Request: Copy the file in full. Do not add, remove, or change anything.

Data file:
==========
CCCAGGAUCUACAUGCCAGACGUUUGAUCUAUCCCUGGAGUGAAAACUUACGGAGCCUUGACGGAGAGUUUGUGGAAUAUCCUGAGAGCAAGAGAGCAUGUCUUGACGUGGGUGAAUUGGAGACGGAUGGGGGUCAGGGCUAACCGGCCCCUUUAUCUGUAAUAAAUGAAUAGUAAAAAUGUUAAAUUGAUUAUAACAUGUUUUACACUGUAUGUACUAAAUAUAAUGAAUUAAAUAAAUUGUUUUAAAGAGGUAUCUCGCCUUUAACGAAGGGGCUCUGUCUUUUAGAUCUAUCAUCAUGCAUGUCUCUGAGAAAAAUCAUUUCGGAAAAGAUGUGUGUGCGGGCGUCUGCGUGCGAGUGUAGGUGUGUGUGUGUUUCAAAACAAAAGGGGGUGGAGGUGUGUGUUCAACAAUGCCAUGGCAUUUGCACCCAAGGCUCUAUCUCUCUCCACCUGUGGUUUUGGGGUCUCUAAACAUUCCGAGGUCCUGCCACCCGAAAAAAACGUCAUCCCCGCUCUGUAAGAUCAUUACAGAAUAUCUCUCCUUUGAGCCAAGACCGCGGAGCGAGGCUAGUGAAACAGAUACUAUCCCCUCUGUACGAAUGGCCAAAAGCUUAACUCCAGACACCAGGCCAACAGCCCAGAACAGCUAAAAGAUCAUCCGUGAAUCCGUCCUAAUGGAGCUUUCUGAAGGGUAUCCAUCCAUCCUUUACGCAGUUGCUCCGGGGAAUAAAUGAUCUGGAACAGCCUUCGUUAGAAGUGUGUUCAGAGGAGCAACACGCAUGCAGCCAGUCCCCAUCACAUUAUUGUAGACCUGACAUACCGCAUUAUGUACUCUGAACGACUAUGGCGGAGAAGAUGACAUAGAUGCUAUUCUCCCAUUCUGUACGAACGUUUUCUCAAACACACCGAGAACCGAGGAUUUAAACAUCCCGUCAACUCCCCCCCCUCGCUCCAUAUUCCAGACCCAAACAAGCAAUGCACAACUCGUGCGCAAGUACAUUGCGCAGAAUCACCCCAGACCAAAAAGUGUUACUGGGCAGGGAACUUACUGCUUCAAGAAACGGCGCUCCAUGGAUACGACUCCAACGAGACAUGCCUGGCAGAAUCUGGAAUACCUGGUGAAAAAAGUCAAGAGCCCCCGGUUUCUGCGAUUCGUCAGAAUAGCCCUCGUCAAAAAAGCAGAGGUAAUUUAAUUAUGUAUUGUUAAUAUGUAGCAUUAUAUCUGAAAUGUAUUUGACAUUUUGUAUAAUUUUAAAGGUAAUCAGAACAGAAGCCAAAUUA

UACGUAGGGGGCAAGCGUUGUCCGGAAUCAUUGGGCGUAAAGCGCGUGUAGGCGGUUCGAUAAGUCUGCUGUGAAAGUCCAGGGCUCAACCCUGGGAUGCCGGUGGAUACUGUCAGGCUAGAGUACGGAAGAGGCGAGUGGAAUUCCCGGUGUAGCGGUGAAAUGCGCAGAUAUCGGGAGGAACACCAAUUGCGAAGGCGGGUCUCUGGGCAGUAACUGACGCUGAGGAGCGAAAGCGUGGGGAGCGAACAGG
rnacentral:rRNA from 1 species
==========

CCCAGGAUCUACAUGCCAGACGUUUGAUCUAUCCCUGGAGUGAAAACUUACGGAGCCUUGACGGAGAGUUUGUGGAAUAUCCUGAGAGCAAGAGAGCAUGUCUUGACGUGGGUGAAUUGGAGACGGAUGGGGGUCAGGGCUAACCGGCCCCUUUAUCUGUAAUAAAUGAAUAGUAAAAAUGUUAAAUUGAUUAUAACAUGUUUUACACUGUAUGUACUAAAUAUAAUGAAUUAAAUAAAUUGUUUUAAAGAGGUAUCUCGCCUUUAACGAAGGGGCUCUGUCUUUUAGAUCUAUCAUCAUGCAUGUCUCUGAGAAAAAUCAUUUCGGAAAAGAUGUGUGUGCGGGCGUCUGCGUGCGAGUGUAGGUGUGUGUGUGUUUCAAAACAAAAGGGGGUGGAGGUGUGUGUUCAACAAUGCCAUGGCAUUUGCACCCAAGGCUCUAUCUCUCUCCACCUGUGGUUUUGGGGUCUCUAAACAUUCCGAGGUCCUGCCACCCGAAAAAAACGUCAUCCCCGCUCUGUAAGAUCAUUACAGAAUAUCUCUCCUUUGAGCCAAGACCGCGGAGCGAGGCUAGUGAAACAGAUACUAUCCCCUCUGUACGAAUGGCCAAAAGCUUAACUCCAGACACCAGGCCAACAGCCCAGAACAGCUAAAAGAUCAUCCGUGAAUCCGUCCUAAUGGAGCUUUCUGAAGGGUAUCCAUCCAUCCUUUACGCAGUUGCUCCGGGGAAUAAAUGAUCUGGAACAGCCUUCGUUAGAAGUGUGUUCAGAGGAGCAACACGCAUGCAGCCAGUCCCCAUCACAUUAUUGUAGACCUGACAUACCGCAUUAUGUACUCUGAACGACUAUGGCGGAGAAGAUGACAUAGAUGCUAUUCUCCCAUUCUGUACGAACGUUUUCUCAAACACACCGAGAACCGAGGAUUUAAACAUCCCGUCAACUCCCCCCCCUCGCUCCAUAUUCCAGACCCAAACAAGCAAUGCACAACUCGUGCGCAAGUACAUUGCGCAGAAUCACCCCAGACCAAAAAGUGUUACUGGGCAGGGAACUUACUGCUUCAAGAAACGGCGCUCCAUGGAUACGACUCCAACGAGACAUGCCUGGCAGAAUCUGGAAUACCUGGUGAAAAAAGUCAAGAGCCCCCGGUUUCUGCGAUUCGUCAGAAUAGCCCUCGUCAAAAAAGCAGAGGUAAUUUAAUUAUGUAUUGUUAAUAUGUAGCAUUAUAUCUGAAAUGUAUUUGACAUUUUGUAUAAUUUUAAAGGUAAUCAGAACAGAAGCCAAAUUA

UACGUAGGGGGCAAGCGUUGUCCGGAAUCAUUGGGCGUAAAGCGCGUGUAGGCGGUUCGAUAAGUCUGCUGUGAAAGUCCAGGGCUCAACCCUGGGAUGCCGGUGGAUACUGUCAGGCUAGAGUACGGAAGAGGCGAGUGGAAUUCCCGGUGUAGCGGUGAAAUGCGCAGAUAUCGGGAGGAACACCAAUUGCGAAGGCGGGUCUCUGGGCAGUAACUGACGCUGAGGAGCGAAAGCGUGGGGAGCGAACAGG
rnacentral:rRNA from 1 species